We made it through Thanksgiving. We made it through Black Friday.

As we do that, there is much to be thankful for in the world of sports this weekend.

We should be thankful for the Board of Directors and the various committees of the Massachusetts Interscholastic Athletic Association for all they have been trying to do in order to give our high school athletes a fighting chance at playing sports this pandemic-ravaged academic year.

The MIAA has worn the brunt of criticism, some of it warranted, since I began covering high school athletics. Sometimes, the Board or certain sport committees can get too lost in the weeds. I saw that when viewing some sport committees trying to make decisions about length of schedules, playoff structures and divisional structures. Of course, while I am willing to give this proposed state playoff system a go, I have written before that the elimination of sectional tournaments was a solution in search of a problem.

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Mount Everett’s Ben Vella rounds the final turn earlier this season, racing while fully masked during a home cross-country meet.

Having said that, I have watched the MIAA’s Board and various committees try to schedule a season with the COVID-19 virus an ever-moving target.

That the MIAA had set up guidelines for Fall sports to play, either in the regular Fall season or the so-called Fall II season, has been great to see. Sure, only five schools competed in golf in Berkshire County and four competed in cross-country during the regular Fall season. The other schools chose not to compete, instead taking the MIAA’s free pass into the Fall II calendar. Things went well for those two Berkshire County sports in the fall.

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Sarah Polumbo of Mount Greylock cross-country was happy to be able to compete this season, despite COVID-19 alterations to the sport.

Now, there is a framework that exists for winter sports to compete. Whether the Berkshire County high schools actually do compete this winter will be determined by each school district, and by whether problems with the virus continue to escalate.

But all athletes and coaches wanted were chances to play. That’s what they have.

The rest remains to be seen.

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Golfers were masked up, but still allowed to play this fall, both during a partial high school season, and during this Halloween Junior Four Ball tournament at the Country Club of Pittsfield.


Be thankful today that, again assuming that things go well concerning the pandemic, the sound of wood hitting baseball will echo throughout Berkshire County.

“There is, I will say, a tremendous amount of excitement from the baseball standpoint,” Pittsfield Suns owner Jeff Goldklang said in a story published in Friday’s Eagle. “We can’t wait until we turn the calendar from 2020 to 2021.”

Both the Futures League’s Suns and the North Adams SteepleCats of the NECBL, are gearing up to play in the 2021 season. The Suns were the only Futures League team to not participate in the shortened 2020 campaign, a season that had the Nashua Silver Knights winning the FCBL title.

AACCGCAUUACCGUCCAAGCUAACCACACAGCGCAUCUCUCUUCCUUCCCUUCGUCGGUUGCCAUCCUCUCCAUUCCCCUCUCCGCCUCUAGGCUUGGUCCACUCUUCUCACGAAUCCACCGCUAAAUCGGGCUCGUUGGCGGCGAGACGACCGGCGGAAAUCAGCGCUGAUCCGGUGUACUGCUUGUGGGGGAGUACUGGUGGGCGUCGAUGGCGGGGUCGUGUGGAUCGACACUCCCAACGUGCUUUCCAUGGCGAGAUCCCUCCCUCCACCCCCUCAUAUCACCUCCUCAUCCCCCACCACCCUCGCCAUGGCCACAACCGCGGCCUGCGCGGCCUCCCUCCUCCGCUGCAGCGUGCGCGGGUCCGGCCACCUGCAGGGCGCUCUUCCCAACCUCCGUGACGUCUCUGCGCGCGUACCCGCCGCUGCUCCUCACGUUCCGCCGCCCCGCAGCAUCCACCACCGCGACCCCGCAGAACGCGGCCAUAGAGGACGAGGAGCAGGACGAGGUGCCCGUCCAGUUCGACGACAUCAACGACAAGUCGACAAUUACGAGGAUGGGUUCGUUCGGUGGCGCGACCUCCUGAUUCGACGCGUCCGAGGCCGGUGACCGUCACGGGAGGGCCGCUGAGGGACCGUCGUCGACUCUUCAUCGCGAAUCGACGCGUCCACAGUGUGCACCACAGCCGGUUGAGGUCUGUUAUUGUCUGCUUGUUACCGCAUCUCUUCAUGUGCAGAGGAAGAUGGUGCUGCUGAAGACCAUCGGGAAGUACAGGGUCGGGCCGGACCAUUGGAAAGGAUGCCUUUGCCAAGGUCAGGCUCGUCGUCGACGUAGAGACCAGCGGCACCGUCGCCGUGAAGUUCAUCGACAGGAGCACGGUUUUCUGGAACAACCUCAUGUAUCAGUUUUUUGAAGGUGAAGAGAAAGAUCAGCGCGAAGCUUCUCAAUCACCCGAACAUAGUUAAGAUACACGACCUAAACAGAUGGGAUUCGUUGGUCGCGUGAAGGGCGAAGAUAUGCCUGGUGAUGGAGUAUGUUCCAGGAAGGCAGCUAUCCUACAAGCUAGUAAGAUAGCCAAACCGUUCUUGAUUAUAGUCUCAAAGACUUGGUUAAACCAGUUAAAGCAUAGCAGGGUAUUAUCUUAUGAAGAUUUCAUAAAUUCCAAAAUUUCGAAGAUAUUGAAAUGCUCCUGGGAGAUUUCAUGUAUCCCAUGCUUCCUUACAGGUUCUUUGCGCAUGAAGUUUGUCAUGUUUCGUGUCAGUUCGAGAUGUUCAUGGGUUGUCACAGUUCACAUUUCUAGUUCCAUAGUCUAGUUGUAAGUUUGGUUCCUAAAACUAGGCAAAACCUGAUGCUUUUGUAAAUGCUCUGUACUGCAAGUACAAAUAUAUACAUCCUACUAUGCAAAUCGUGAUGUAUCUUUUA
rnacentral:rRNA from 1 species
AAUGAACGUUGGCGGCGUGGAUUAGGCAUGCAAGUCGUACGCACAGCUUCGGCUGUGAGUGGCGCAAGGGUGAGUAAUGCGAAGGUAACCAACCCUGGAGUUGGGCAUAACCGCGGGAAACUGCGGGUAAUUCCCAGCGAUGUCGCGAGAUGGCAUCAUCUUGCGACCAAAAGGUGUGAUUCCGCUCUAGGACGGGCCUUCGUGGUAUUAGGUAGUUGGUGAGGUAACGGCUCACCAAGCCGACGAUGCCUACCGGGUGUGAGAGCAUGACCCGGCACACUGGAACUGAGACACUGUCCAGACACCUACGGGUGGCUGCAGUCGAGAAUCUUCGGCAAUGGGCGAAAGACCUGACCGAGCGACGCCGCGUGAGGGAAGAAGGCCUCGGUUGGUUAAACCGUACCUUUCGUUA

The SteepleCats and the rest of the NECBL took the summer off, joining the Cape Cod League and many other summer college wood bat leagues in not playing. It is a decision the team and the league would make again.

“As a league, we really considered our communities, our host families and we had their best interest at heart,” SteepleCats general manager Matt Torra said in a story back in October. “The safety of our communities, we felt, outweighed the opportunity to play baseball. I look at some of these communities, there’s two, three or four kids in a house. I and the league didn’t want to risk exposing any of our host parents, friends, family or volunteers to it.

“I still believe we made the right decision by not playing this summer.”

If the pandemic winds down sometime between now and next spring, the two teams will be fully engaged in getting ready for their summer seasons.

I imagine that Berkshire County baseball fans will be thankful for that.


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MIKE WALSH — THE BERKSHIRE EAGLE Golfers were masked up, but still allowed to play this fall, both during a partial high school season, and during this Halloween Junior Four Ball tournament at the Country Club of Pittsfield.

I am thankful for each of you, the readers. You are what makes this job a joy to do each and every day.

I am also thankful for each and every coach, broadcaster, athlete and official who I have talked to since April. It’s their thoughts and opinions that have helped me craft stories that have appeared in print and online practically every day since April.

It isn’t always easy turning out sports stories when the number of games played locally have been miniscule. Those of you on the other end of the telephone or the Zoom call have helped provide the readers interesting content, and have kept me going these many months.

Thankful, I am. Let’s have a great end to 2020, now, shall we?

Howard Herman can be reached at hherman@berkshireeagle.com or 413-496-6253. On Twitter: @howardherman


Howard Herman is a sports columnist at The Berkshire Eagle. The dean of full-time sportswriters in Western Mass., he has been with the Eagle since 1988, and is a member of the New England Baseball and Basketball Hall of Fame.